Cross-posted at dKos
We've all seen a number of cases where manifestly guilty defendants have ended up walking because either the police or the prosecutors wound up shredding the Constitution in order to get convictions. Well, it seems that mentality has trickled to the local level. Recently, a Charlotte cop was forced to resign after it emerged he'd tried to fix a robbery lineup.
A veteran police officer who complained that his cases were being dismissed has resigned after prosecutors accused him of misconduct in a robbery investigation.
Charlotte-Mecklenburg police Officer Brian Cloninger tried to influence a lineup, prosecutors say. He gave the robbery victim the name and photo of the man he thought committed the gunpoint hold-up. He also urged the woman to look at the suspect's photo every day so she could pick him out.
Since then, the local DA's office has had to throw out 70 cases he handled. At that rate, there's bound to be at least one instance where the defendant was manifestly guilty. It makes you wonder--where in the world did we forget that "no one is above the law" also means "no one is below the law"?
Cloninger had been on the force since 1995--making you wonder if he'd pulled a stunt like this before. He was only caught this time because the victim of the robbery/carjacking he handled is a lawyer herself. As an officer of the court, she felt compelled to report Cloninger's actions--even though she knew it probably meant her case would get thrown out.
Cloninger's defense? He wanted to get a bad guy off the streets. Well, because of this, there's a chance a whole bunch of bad guys could end up back on the streets. The most disturbing instance involves a woman charged with what would have been her second and third DUIs. In North Carolina, three DUI convictions means automatic jail time--do not pass Go, do not collect $200. Which means that because of Cloninger's overzealousness, somebody could get killed.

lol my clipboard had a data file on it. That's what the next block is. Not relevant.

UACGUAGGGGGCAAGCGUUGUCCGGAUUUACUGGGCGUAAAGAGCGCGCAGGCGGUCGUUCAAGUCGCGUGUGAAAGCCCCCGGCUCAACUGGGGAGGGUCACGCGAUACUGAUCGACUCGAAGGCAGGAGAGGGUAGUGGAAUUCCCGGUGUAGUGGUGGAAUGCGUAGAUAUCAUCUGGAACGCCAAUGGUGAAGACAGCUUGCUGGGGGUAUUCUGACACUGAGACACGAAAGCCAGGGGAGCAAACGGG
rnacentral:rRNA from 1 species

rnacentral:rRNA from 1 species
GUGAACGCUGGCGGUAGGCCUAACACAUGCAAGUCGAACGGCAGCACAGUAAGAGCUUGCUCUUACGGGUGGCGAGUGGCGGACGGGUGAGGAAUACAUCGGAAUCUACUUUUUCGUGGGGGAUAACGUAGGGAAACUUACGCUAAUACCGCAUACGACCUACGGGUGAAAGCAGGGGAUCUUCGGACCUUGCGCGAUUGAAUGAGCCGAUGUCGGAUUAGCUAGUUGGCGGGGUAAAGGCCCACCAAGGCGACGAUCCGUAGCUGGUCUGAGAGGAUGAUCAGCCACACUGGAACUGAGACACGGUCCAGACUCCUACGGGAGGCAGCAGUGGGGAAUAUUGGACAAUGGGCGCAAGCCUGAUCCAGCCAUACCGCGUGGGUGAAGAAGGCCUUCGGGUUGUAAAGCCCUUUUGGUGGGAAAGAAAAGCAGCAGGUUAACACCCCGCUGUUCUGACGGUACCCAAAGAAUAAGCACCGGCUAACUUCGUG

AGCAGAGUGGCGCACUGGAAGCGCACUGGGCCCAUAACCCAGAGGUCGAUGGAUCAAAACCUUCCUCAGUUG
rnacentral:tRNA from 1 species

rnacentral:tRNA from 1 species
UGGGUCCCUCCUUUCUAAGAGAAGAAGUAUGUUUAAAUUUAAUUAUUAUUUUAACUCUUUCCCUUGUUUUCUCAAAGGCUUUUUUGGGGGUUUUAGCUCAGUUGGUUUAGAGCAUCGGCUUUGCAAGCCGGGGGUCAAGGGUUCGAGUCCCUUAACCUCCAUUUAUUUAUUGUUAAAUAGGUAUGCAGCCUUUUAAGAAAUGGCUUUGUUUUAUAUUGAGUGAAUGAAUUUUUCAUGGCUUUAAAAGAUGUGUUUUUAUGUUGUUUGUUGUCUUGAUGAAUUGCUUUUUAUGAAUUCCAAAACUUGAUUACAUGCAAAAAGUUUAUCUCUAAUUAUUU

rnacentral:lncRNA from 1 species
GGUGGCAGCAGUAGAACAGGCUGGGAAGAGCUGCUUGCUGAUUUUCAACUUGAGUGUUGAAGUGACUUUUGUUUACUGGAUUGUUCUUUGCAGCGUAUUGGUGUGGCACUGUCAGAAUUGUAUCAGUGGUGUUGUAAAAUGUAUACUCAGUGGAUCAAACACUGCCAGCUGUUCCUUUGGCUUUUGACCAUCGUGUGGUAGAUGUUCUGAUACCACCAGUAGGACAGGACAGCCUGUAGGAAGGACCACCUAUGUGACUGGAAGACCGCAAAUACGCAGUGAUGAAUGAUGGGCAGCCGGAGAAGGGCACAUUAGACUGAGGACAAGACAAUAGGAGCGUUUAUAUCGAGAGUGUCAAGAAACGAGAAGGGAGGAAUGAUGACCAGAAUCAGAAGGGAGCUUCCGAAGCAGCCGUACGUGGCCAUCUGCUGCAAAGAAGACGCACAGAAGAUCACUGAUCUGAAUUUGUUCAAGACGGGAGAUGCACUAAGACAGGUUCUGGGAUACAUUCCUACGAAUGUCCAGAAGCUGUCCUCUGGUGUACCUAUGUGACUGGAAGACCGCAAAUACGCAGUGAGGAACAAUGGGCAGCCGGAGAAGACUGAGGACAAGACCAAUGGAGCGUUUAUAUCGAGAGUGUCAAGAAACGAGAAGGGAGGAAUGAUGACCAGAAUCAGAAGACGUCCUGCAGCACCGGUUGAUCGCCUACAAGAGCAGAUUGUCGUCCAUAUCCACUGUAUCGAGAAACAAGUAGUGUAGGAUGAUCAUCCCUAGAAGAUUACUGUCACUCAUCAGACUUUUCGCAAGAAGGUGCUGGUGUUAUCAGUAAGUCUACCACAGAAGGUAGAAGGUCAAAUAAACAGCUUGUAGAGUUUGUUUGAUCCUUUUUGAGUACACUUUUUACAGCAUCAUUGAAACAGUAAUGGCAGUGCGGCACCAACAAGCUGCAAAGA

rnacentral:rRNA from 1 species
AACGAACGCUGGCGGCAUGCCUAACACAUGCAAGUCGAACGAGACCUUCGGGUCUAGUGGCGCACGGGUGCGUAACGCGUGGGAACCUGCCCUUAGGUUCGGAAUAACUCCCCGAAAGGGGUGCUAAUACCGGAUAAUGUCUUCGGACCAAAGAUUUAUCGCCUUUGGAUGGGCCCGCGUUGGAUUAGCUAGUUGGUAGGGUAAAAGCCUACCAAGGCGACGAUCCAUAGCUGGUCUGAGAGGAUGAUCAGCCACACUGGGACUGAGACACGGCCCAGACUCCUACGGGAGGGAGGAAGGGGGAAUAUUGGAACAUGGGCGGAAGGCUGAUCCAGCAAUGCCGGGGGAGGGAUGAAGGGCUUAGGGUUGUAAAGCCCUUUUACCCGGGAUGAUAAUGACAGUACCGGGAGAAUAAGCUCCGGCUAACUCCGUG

Seen in light of recent events, this raises serious questions about our society's view of the rule of law. Remember? Ted Stevens, despite overwhelming evidence he was guilty of influence-peddling, had his conviction thrown out because of evidence prosecutors knowingly allowed the star witness to perjure himself. And the five Blackwater guards might never face criminal charges in the United States because prosecutors violated the guards' Fifth Amendment rights by using evidence from statements the guards had to the State Department if they wanted to keep their jobs.
I'm starting to think that this isn't just a consequence of having too many prosecutors come in from law schools where you're taught that there are actually people below the law. When you have cops engaging in this kind of misconduct, to me it's a sign of a larger problem. For all the complaints from the winger fringe about criminals having too many rights, we seem to have forgotten that these safeguards are in place to protect the legitimacy of the system. The case of Cloninger is a perfect example. It's a pretty safe bet that the DAs felt they could win some of those 70 cases. But in the end, they felt that allowing a discredited cop to testify would be too much of a taint to overcome.